* German, Italian debt sales meet strong demand
* Fed seen maintaining current stimulus into 2014
* ECB policy outlook also supporting euro zone bonds
By Emelia Sithole-Matarise and Marius Zaharia
LONDON, Oct 30 Most euro zone bonds firmed on
Wednesday with German and Italian debt sales drawing solid
demand as investors bet on the U.S. Federal Reserve keeping
monetary policy unchanged after its meeting later in the day.
German Bund futures hit new two-month highs as markets
rallied on expectations the Fed will maintain its current pace
of bond-buying in a bid to prop up an economy damaged by this
month's government shutdown in Washington.
A recent run of mixed U.S. economic data has persuaded many
in the market that the Fed will keep to its $85 billion a month
bond purchases until at least early next year.
"The Fed might be a bit more vocal about taking more time to
look at data before tapering. The current environment is very
supportive for bonds," said Gianluca Ziglio, executive director
of fixed income research at Sunrise Brokers.
The Bund future closed 58 ticks up at 141.85,
having hit its highest since August at 141.88 minutes before the
end of the trading session. German 10-year yields
were 5 basis points down at 1.69 percent.
Earlier, Germany sold 3.4 billion euros of 10-year Bunds
with investors bidding for 1.7 times the amount offered, up from
1.3 the last time the paper was auctioned last month, a sign
that investors believed the rally could continue.
Some analysts expected a near-term pause, however.
"A lot of this postponed tapering should be priced in
already ... so we wouldn't be surprised to see ... a bit of
profit-taking," Commerzbank strategist Rainer Guntermann said.
ECB POLICY WAGER
Euro zone bonds across the credit spectrum have also been
supported by market speculation that the European Central Bank
will ease monetary policy further to support a fragile recovery
threatened by a strong euro and curb a rise in money market
rates as excess liquidity in the euro system dwindles.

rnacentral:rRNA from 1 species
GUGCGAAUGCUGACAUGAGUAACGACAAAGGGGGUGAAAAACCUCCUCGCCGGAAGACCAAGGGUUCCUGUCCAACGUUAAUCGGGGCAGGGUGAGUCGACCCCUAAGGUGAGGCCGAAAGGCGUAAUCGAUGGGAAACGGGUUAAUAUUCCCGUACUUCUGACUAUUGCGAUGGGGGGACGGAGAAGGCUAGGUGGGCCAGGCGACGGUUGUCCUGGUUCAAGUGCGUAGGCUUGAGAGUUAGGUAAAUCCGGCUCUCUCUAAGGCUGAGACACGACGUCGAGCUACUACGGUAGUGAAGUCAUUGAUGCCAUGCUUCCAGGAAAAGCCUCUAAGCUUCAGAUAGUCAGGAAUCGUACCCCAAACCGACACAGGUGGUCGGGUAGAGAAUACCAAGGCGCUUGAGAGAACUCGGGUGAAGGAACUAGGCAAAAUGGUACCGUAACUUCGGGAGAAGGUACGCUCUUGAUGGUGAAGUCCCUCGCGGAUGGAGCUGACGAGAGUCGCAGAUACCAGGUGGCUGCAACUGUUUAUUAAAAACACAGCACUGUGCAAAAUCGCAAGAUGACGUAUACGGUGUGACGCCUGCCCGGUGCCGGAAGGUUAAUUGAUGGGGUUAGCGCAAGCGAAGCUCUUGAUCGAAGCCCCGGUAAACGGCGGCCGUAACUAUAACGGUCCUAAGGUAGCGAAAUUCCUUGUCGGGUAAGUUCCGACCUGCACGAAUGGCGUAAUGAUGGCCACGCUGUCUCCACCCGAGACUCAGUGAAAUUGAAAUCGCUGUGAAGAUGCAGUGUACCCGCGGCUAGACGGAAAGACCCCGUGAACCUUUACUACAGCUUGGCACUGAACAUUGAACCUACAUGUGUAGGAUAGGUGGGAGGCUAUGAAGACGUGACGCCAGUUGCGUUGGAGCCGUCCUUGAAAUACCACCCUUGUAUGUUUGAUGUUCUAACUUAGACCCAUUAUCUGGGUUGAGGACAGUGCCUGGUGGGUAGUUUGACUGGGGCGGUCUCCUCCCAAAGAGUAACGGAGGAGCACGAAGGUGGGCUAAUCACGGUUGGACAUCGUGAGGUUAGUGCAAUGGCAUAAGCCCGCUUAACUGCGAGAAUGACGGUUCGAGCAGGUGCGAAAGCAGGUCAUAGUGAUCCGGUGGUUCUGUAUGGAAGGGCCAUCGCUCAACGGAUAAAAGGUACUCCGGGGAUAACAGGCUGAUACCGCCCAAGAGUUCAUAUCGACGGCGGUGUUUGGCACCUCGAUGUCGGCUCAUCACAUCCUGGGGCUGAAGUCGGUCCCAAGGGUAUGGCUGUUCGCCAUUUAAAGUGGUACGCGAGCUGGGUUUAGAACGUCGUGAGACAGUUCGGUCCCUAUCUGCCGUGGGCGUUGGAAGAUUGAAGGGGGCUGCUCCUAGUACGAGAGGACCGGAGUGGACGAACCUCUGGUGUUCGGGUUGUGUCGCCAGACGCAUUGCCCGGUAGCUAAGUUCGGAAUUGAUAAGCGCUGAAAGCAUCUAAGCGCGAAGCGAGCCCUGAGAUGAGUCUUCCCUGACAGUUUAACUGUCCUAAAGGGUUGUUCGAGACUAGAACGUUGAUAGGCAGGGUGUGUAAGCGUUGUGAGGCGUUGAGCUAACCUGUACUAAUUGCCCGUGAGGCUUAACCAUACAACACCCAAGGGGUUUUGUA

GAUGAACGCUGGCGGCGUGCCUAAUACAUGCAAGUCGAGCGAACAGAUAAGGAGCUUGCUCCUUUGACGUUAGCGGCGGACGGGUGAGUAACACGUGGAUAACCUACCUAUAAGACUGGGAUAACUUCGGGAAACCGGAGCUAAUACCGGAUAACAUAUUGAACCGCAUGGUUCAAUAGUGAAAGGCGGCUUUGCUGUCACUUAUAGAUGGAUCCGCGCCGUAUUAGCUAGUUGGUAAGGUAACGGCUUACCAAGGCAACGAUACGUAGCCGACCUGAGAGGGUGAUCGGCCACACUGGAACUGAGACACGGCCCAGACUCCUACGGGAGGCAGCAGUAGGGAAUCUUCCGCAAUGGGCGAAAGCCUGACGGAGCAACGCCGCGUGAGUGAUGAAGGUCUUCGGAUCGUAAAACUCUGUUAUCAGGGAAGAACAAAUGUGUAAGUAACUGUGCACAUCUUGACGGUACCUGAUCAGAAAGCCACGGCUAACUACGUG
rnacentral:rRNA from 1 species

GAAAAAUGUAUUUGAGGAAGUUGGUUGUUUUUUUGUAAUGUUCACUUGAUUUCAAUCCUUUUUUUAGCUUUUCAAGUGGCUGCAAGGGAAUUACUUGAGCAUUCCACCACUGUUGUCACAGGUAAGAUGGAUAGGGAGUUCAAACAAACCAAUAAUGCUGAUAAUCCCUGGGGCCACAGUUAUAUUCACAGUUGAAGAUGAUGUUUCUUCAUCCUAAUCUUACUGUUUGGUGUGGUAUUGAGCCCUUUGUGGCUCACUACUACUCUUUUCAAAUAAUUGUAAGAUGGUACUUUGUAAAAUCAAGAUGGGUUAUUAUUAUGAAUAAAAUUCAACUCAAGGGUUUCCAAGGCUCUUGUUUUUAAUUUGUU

An unexpected slowdown in German annual inflation for
October supported such speculation. Euro zone inflation
data due on Thursday is expected at 1.1 percent, way below the
ECB's close-to-2-percent target.
Analysts say ECB speculation may have been one of the
factors behind the strong demand an auction of 6 billion euros
of Italian debt where 10-year borrowing costs fell to six-month
lows. The sale also benefited from investors ploughing back some
of the 24 billion euros in redemption and coupon payments due
Italian 10-year yields were 4 bps up at 4.18
percent as the market absorbed the supply, while equivalent
Spanish yields were flat at 4.06 percent. Italian
and Portuguese yields were the only ones rising in the region.
"The picture looks supportive going into the ECB meeting,
but things might change (after that) ... valuations look a bit
stretched," Sunrise Brokers' Ziglio said.
Spain has outperformed Italy in the past week with investors
encouraged by data showing the Iberian country exited a two-year
recession in the third quarter thanks to strong exports.
Barclays strategists say Spanish yields could trade 20 to 30
bps below Italian equivalents in coming days, arguing that
Spain's economic prospects in coming months look more positive,
with Madrid well ahead of Rome with structural reforms.
But they said this outperformance could peter out later as
Italy still benefits from a more liquid debt market which made
it the portfolio choice for foreign investors.